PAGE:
Second base is a minefield. It's ugly. If you came here looking for a positional pep talk ... well, sorry. Ain't happenin'. Second base is full of bad ideas. There's a decent chance you're gonna screw it up.
Honestly, if the fantasy football community ever had to deal with a problem as messy as this year's second base situation, someone would launch a #Ban2B movement and try to replace the position with an additional flex spot.
Because c'mon, those folks are constant complainers. Football managers really only have to confront positional scarcity like once every decade, so they inevitably panic and start begging for rule changes.
Veteran fantasy baseball players are, of course, made of tougher stuff. We've navigated plenty of seasons in which there were no more than two or three reliable options at second base — years in which whiffing on Chase Utley at the top of your draft meant you'd spend six months suffering with Ty Wigginton.
We can definitely handle the challenges of 2021.
Still, it's kind of a hellscape at second. You won't have an easy time identifying a legitimate fantasy difference-maker, even at the top of the ranks. Ozzie Albies is the consensus No. 1 fantasy second baseman, yet a reasonable projection for his full-season production wouldn't land him among the top-10 (or possibly 15) outfielders. We're all just hoping for a 25-15-.280 season with run-scoring — stellar production by the standards of his position, but it's not carrying you to a mixed league title.
Albies is the first name in a clear big three at this spot, ahead of DJ LeMahieu and Whit Merrifield. LeMahieu is an AVG-dependent fantasy option who rarely runs and Merrifield is a modest-pop batter with declining speed in an underwhelming lineup. So, um ... hooray, second. Woo.
And yet my personal preference is to land one of those top three (or Gleyber Torres or Keston Hiura) somewhere in the first five rounds because they're all established contributors across multiple categories without being severe liabilities in any stats. Everywhere else we look at this position, we can find reasons to worry. But that's not to say we can't find a little upside, too.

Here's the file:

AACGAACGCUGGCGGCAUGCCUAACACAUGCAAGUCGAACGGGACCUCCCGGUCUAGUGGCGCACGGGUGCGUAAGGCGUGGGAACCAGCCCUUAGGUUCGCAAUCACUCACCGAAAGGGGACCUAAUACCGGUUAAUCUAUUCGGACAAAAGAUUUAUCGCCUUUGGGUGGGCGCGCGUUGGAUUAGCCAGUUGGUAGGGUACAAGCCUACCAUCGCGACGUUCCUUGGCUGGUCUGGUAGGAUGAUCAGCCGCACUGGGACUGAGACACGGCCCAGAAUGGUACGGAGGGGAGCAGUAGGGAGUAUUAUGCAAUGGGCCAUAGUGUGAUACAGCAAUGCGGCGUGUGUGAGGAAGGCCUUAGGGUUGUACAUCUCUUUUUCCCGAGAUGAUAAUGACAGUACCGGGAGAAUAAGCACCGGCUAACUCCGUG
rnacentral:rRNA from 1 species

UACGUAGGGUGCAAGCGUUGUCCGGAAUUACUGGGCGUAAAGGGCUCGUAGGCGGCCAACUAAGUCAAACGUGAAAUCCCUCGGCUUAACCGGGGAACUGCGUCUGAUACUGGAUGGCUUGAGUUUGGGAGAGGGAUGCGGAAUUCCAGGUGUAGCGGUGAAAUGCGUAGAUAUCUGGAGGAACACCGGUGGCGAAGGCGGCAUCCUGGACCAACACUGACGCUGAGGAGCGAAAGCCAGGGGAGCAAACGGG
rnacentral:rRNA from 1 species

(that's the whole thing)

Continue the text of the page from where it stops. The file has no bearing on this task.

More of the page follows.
Players to reach for at 2B
Nobody at this position barreled the ball as consistently or as viciously as Tampa Bay's BRANDON LOWE last season. He homered 14 times over 224 plate appearances last year, and plenty of 'em were no-doubters. Was it a small sample? Yeah, sure. But it was a pretty [profane] awesome sample. Lowe will hit near the top of a fun lineup and he has the surplus power needed to thrive despite a deadened ball. He's the seventh second baseman off the board in a typical Yahoo draft and clearly has the skills to outperform his ADP.
We should also note that Seattle's DYLAN MOORE has homered 17 times and swiped 23 bags over 151 major league games (441 PAs), plus he offers positional flexibility (2B-3B-SS-OF). In this era, we need to take an interest in any player who can steal 20-plus bases without being a disaster in every other category. NICK SOLAK of the Rangers isn't quite as interesting as Moore, but he's eligible at three spots (2B-3B-OF) and he has clear double-digit power-speed potential. Solak produced a 19/21 season at Double-A in 2018. He's also available outside the top-200 picks, so no need to reach.
Second basemen to fade
Go take a look at KETEL MARTE's year-by-year career stats and you'll notice that he briefly transformed into prime Nomar Garciaparra for one season, but has otherwise been Nick Ahmed. I mean, it's certainly possible that the 2019 version of Marte will reappear, but he wasn't that guy in either 2018 or 2020. Last year, he slashed .287/.323/.409 across 45 games, which is more or less what he'd done two seasons prior (.260/.332/.437). And yet in between those campaigns, he went supernova: 32 HR, 19.0% HR/FB, .329/.389/.592.
Maybe the true version of Marte is something close to 2019, but I'm not gonna spend an early-ish pick (Round 7-8) on that hope. He's never produced a high percentage of flyballs (30.6% career), so he'll need 'em to leave the yard at a crazy rate if he's going to approach 30 homers again.
The easiest fade in the player pool might be JONATHAN VILLAR, who landed with a team that doesn't have an everyday position available to him. He can obviously see a bunch of plate appearances in a super-utility role, but that makes him a high-maintenance fantasy option. He was a mess at the plate in 2020, hitting just .232/.301/.292 with two homers and 54 Ks in 52 games. No thanks. Villar's base-stealing ability keeps him in the fantasy conversation, but, again, we need to get those bags from players who contribute elsewhere.